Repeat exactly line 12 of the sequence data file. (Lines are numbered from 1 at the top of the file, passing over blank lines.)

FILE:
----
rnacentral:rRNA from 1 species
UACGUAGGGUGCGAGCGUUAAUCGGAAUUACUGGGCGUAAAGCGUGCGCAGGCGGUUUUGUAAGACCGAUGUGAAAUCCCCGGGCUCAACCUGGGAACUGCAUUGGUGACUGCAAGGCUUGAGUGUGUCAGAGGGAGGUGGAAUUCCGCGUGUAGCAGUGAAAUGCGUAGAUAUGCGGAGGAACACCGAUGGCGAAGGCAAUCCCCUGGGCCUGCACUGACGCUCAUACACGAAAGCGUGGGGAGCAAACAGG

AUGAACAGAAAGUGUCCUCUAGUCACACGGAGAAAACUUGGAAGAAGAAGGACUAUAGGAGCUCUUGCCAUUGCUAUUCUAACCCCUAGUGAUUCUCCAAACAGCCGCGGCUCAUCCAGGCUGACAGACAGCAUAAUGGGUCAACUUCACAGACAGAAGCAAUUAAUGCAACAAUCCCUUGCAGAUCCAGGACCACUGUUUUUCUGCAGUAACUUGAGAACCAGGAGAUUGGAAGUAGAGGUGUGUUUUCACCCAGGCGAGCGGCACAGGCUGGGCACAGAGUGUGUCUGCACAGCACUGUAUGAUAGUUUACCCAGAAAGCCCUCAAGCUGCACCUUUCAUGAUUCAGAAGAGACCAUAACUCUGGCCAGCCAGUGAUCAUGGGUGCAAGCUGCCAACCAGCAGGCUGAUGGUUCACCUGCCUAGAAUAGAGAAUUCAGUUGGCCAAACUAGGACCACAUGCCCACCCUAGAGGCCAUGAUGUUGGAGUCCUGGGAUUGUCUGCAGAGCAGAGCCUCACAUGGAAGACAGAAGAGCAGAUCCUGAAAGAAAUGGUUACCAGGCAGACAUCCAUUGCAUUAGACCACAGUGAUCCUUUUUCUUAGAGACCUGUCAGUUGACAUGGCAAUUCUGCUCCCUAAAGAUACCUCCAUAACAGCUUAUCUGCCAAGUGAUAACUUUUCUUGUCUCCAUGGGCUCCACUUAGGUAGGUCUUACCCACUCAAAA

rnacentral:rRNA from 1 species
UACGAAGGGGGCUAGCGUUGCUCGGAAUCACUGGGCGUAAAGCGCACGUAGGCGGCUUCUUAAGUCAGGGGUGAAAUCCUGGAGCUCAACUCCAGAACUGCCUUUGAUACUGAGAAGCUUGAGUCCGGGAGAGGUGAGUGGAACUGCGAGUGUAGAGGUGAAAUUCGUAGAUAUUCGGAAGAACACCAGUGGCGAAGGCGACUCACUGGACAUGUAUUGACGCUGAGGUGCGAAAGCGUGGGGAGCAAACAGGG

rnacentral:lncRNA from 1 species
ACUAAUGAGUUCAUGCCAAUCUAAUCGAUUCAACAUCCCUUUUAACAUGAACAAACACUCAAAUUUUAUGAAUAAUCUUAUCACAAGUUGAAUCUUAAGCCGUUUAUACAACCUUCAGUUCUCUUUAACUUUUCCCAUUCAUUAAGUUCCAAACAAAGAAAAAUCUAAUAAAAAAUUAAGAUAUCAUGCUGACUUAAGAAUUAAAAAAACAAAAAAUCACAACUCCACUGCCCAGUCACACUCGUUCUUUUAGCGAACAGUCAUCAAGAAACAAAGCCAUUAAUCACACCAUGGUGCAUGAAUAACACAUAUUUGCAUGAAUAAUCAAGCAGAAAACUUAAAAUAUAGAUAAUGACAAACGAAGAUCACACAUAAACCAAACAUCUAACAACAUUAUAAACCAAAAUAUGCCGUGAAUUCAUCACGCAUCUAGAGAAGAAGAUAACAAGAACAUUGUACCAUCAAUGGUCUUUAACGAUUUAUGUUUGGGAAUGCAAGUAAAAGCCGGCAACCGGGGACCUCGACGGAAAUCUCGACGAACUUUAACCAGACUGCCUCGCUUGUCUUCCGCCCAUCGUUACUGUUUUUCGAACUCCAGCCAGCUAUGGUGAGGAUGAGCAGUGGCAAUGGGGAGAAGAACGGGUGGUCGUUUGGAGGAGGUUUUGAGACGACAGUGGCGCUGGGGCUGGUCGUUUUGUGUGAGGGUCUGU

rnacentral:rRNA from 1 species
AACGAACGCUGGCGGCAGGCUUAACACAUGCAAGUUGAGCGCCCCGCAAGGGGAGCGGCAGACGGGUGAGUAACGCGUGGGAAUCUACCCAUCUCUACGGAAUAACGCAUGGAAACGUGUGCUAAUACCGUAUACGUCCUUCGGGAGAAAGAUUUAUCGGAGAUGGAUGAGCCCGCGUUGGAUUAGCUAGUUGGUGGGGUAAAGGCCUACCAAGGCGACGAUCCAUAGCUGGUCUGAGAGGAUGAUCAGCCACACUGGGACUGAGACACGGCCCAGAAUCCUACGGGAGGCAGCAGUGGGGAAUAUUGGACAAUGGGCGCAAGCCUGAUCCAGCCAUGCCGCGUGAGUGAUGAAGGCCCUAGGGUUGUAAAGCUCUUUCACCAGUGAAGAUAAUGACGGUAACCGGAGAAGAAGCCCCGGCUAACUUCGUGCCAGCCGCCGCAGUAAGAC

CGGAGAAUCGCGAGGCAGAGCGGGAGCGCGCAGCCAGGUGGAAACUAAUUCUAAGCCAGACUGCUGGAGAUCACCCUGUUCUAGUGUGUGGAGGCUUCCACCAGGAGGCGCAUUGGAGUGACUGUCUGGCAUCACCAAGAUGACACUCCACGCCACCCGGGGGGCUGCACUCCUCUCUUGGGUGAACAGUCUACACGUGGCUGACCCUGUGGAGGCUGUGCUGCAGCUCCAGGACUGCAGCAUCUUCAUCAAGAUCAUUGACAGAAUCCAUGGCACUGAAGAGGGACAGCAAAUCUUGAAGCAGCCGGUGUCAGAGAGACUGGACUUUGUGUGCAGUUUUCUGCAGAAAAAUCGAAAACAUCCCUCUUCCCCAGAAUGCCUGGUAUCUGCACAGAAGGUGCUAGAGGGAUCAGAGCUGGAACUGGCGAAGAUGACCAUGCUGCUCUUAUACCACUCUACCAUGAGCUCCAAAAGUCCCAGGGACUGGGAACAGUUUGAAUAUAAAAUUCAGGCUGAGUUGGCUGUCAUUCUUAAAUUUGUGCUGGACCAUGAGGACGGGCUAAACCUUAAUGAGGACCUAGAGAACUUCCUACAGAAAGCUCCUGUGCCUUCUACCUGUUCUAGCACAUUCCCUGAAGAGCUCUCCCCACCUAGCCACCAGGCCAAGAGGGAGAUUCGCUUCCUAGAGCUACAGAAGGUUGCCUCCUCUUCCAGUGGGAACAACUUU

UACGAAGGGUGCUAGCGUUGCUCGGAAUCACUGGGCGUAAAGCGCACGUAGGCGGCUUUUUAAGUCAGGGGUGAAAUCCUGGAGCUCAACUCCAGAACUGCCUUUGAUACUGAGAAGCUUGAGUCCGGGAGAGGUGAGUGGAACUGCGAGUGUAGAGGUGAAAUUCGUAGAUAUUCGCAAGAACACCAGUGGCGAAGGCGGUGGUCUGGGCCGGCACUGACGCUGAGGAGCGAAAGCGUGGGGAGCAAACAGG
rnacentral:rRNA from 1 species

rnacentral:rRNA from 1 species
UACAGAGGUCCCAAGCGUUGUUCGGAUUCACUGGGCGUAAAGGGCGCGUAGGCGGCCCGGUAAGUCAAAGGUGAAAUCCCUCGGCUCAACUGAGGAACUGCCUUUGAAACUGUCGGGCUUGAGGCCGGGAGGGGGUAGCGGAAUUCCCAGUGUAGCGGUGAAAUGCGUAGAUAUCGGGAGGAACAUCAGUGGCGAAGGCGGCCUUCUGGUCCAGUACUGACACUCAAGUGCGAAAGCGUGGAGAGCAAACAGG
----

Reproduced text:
rnacentral:rRNA from 1 species